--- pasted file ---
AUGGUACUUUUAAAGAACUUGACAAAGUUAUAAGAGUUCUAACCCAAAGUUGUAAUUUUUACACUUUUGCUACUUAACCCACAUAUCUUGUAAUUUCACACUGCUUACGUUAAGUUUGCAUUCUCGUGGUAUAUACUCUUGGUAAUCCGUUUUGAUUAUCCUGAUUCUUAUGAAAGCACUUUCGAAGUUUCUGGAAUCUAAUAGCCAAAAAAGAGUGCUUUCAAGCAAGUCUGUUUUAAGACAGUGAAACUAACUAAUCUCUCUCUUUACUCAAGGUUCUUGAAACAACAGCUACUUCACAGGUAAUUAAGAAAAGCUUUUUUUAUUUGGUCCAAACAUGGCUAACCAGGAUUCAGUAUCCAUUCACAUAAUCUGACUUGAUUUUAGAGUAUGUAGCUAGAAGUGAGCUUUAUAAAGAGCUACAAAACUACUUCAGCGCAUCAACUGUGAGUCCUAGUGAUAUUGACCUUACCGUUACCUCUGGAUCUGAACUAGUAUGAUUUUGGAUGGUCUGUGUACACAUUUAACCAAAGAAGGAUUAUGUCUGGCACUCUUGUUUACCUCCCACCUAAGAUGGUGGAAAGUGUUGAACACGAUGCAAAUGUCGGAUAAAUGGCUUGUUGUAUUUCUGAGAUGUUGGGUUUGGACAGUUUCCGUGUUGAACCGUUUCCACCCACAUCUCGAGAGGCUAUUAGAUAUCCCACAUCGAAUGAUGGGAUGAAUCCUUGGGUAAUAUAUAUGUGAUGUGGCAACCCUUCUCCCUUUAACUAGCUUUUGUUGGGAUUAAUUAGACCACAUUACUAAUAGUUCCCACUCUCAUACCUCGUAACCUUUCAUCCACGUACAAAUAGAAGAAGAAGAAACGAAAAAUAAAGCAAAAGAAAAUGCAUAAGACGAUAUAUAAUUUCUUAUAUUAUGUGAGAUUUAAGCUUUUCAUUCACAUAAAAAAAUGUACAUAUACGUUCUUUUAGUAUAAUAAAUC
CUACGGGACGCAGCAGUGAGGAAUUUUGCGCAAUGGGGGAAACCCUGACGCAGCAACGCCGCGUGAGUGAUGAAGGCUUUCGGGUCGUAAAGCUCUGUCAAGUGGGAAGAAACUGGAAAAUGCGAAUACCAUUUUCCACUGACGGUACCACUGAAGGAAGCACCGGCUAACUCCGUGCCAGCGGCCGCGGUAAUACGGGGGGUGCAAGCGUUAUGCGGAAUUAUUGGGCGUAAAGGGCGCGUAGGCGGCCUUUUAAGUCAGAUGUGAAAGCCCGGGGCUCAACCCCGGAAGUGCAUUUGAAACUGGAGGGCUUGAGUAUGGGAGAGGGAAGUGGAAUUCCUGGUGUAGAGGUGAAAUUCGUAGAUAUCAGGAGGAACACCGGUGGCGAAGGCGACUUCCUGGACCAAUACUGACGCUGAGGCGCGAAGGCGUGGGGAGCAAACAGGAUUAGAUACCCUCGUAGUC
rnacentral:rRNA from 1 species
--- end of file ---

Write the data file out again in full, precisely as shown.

AUGGUACUUUUAAAGAACUUGACAAAGUUAUAAGAGUUCUAACCCAAAGUUGUAAUUUUUACACUUUUGCUACUUAACCCACAUAUCUUGUAAUUUCACACUGCUUACGUUAAGUUUGCAUUCUCGUGGUAUAUACUCUUGGUAAUCCGUUUUGAUUAUCCUGAUUCUUAUGAAAGCACUUUCGAAGUUUCUGGAAUCUAAUAGCCAAAAAAGAGUGCUUUCAAGCAAGUCUGUUUUAAGACAGUGAAACUAACUAAUCUCUCUCUUUACUCAAGGUUCUUGAAACAACAGCUACUUCACAGGUAAUUAAGAAAAGCUUUUUUUAUUUGGUCCAAACAUGGCUAACCAGGAUUCAGUAUCCAUUCACAUAAUCUGACUUGAUUUUAGAGUAUGUAGCUAGAAGUGAGCUUUAUAAAGAGCUACAAAACUACUUCAGCGCAUCAACUGUGAGUCCUAGUGAUAUUGACCUUACCGUUACCUCUGGAUCUGAACUAGUAUGAUUUUGGAUGGUCUGUGUACACAUUUAACCAAAGAAGGAUUAUGUCUGGCACUCUUGUUUACCUCCCACCUAAGAUGGUGGAAAGUGUUGAACACGAUGCAAAUGUCGGAUAAAUGGCUUGUUGUAUUUCUGAGAUGUUGGGUUUGGACAGUUUCCGUGUUGAACCGUUUCCACCCACAUCUCGAGAGGCUAUUAGAUAUCCCACAUCGAAUGAUGGGAUGAAUCCUUGGGUAAUAUAUAUGUGAUGUGGCAACCCUUCUCCCUUUAACUAGCUUUUGUUGGGAUUAAUUAGACCACAUUACUAAUAGUUCCCACUCUCAUACCUCGUAACCUUUCAUCCACGUACAAAUAGAAGAAGAAGAAACGAAAAAUAAAGCAAAAGAAAAUGCAUAAGACGAUAUAUAAUUUCUUAUAUUAUGUGAGAUUUAAGCUUUUCAUUCACAUAAAAAAAUGUACAUAUACGUUCUUUUAGUAUAAUAAAUC
CUACGGGACGCAGCAGUGAGGAAUUUUGCGCAAUGGGGGAAACCCUGACGCAGCAACGCCGCGUGAGUGAUGAAGGCUUUCGGGUCGUAAAGCUCUGUCAAGUGGGAAGAAACUGGAAAAUGCGAAUACCAUUUUCCACUGACGGUACCACUGAAGGAAGCACCGGCUAACUCCGUGCCAGCGGCCGCGGUAAUACGGGGGGUGCAAGCGUUAUGCGGAAUUAUUGGGCGUAAAGGGCGCGUAGGCGGCCUUUUAAGUCAGAUGUGAAAGCCCGGGGCUCAACCCCGGAAGUGCAUUUGAAACUGGAGGGCUUGAGUAUGGGAGAGGGAAGUGGAAUUCCUGGUGUAGAGGUGAAAUUCGUAGAUAUCAGGAGGAACACCGGUGGCGAAGGCGACUUCCUGGACCAAUACUGACGCUGAGGCGCGAAGGCGUGGGGAGCAAACAGGAUUAGAUACCCUCGUAGUC
rnacentral:rRNA from 1 species